Walk into a business center. Look around. What will you notice first? For many prospective clients it’s the furnishings.
If you’ve ever been in an office and noticed random spots of dirt on chairs, worn sofa arms and styles that were fashionable about 10 years ago, you’ll know how important furniture is to a first impression. It also becomes outdated quickly. Trends move so quickly, one day it’s mushroom chairs and chrome tables, the next it’s mid-century retro, with mod colors and white acrylic cocktail tables.
One thing that doesn’t sell, however, is wear and tear.
This is only one reason that many business centers are moving increasingly towards renting their furniture as opposed to doling out serious cash to purchase furniture that depreciates the moment someone sits down on it. CORT has become one of our go-to resources when it comes to balancing business realities with the need for productive space and we did a little digging to find out more.
CORT is finding that many business centers are starting to leverage furniture as a key element of their sales and marketing strategy. Depending on a center’s location, client demographics and local competition, using furniture as a competitive differentiator can make a lot of sense. Being able to “swap out” your furniture in a year or two for the latest trendy styles keeps your center fresh and vibrant to tenants wishing to create a hip, stylish impression on their clientele.
But there’s more to furniture as a strategy than meets the eye. Here are some areas to consider:
Creating a Profit Center: Many centers are able to turn furniture into a profit center, by allowing tenants to pre-select their rental furniture from a catalog and enjoy customized furnishings. The resulting markups can lead to a new and potentially lucrative revenue stream.
Operating Capital: According to Ryan Vener, Strategic Account Manager for CORT. “If a business center spends $60,000 dollars on furniture that would have cost $3,000 a month in rental, they have $57,000 less working capital available to them. If they invested that money in revenue generating assets or services at a rate of 10% return (typical estimate), they would save an additional $5,000 dollars in investment returns by renting,” he says.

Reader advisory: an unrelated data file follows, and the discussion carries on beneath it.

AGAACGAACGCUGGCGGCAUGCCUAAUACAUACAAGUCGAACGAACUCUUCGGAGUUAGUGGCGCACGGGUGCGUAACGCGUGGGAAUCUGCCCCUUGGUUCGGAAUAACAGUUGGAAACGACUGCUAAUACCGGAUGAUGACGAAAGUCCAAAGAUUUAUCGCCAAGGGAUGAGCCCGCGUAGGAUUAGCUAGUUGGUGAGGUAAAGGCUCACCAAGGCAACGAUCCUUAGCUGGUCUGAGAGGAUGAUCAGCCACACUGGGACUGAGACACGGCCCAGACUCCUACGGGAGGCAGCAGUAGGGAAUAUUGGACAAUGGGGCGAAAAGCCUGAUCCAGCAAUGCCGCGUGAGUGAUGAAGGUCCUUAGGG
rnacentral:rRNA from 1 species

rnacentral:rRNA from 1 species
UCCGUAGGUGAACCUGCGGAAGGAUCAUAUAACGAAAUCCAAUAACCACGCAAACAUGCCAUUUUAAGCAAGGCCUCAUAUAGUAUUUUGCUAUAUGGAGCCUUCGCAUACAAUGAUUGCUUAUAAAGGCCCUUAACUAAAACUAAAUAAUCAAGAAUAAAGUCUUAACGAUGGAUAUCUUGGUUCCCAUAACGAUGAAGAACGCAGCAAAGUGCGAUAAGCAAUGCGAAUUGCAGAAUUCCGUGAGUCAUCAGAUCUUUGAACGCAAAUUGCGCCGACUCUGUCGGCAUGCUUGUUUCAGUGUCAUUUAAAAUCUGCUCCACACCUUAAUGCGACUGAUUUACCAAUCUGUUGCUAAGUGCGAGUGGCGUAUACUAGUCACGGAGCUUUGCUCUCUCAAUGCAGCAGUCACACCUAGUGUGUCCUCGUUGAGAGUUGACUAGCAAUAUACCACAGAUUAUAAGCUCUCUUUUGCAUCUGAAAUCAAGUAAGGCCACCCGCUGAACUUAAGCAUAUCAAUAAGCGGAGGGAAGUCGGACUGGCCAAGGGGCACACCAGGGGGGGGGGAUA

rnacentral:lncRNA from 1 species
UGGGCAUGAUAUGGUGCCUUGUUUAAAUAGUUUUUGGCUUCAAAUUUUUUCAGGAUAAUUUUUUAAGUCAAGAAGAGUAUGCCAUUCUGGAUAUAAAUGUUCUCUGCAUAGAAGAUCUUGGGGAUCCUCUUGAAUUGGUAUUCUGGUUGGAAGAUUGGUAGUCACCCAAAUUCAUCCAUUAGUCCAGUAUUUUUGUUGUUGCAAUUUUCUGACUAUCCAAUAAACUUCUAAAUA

The Expense of Disposal: When furniture gets old, it may get expensive to dispose of. Paula Newell, Vice President, Strategic Business Development for CORT, recalls a recent conversation with a manager during a bank merger who discovered that disposal of unwanted furniture was very costly – even when he gave it away.
According to Newell, “They didn’t include disposal in the budget for the merger or the closing down of branches. The total project was budgeted at 5 million dollars. They figured out that the cost for disposing of their old unwanted furniture was over $100,000 dollars! He said he gave some of it away to charities but even that cost them $20,000 in deliveries and labor. The other $80,000 was used for disposal – trash dump. After they realized the additional costs associated with disposing of furniture, they began to add the costs to their budget,” she added.
CORT encourages start-up businesses to carefully evaluate the purchase of nonproductive assets.
“Consider renting instead,” says Ryan Vener. “By renting office furniture during their growth stage, businesses can reallocate capital into revenue producing area of their business. And from a future funding or IPO standpoint, renting also helps improve their balance sheet ratios and income statements. Instead of a large, depreciating asset on their books, they’ll have a deductible operating expense,” he says.
It’s important to note that rental is not the ideal model for everyone. There remain an abundance of centers whose owners and operators will always be more comfortable with a traditional purchase model. But the option of rental should not be overlooked. In the end, making financially sound, fiscally responsible decisions that are based on your needs, and don’t demand commitments that exceed the horizon you can see, will help determine whether renting or purchasing your furniture is the better solution.
Ryan Vener leaves us with one last parting thought, “Businesses need to embrace workplace solutions that will optimize all aspects of their business. The investment of capital into areas that produce cash flow and return on investment can be the difference between success and failure.”
Ultimately, the benefits may become apparent for centers willing to do the math and with the creativity to consider their furniture as more of a strategic asset than a depreciating investment.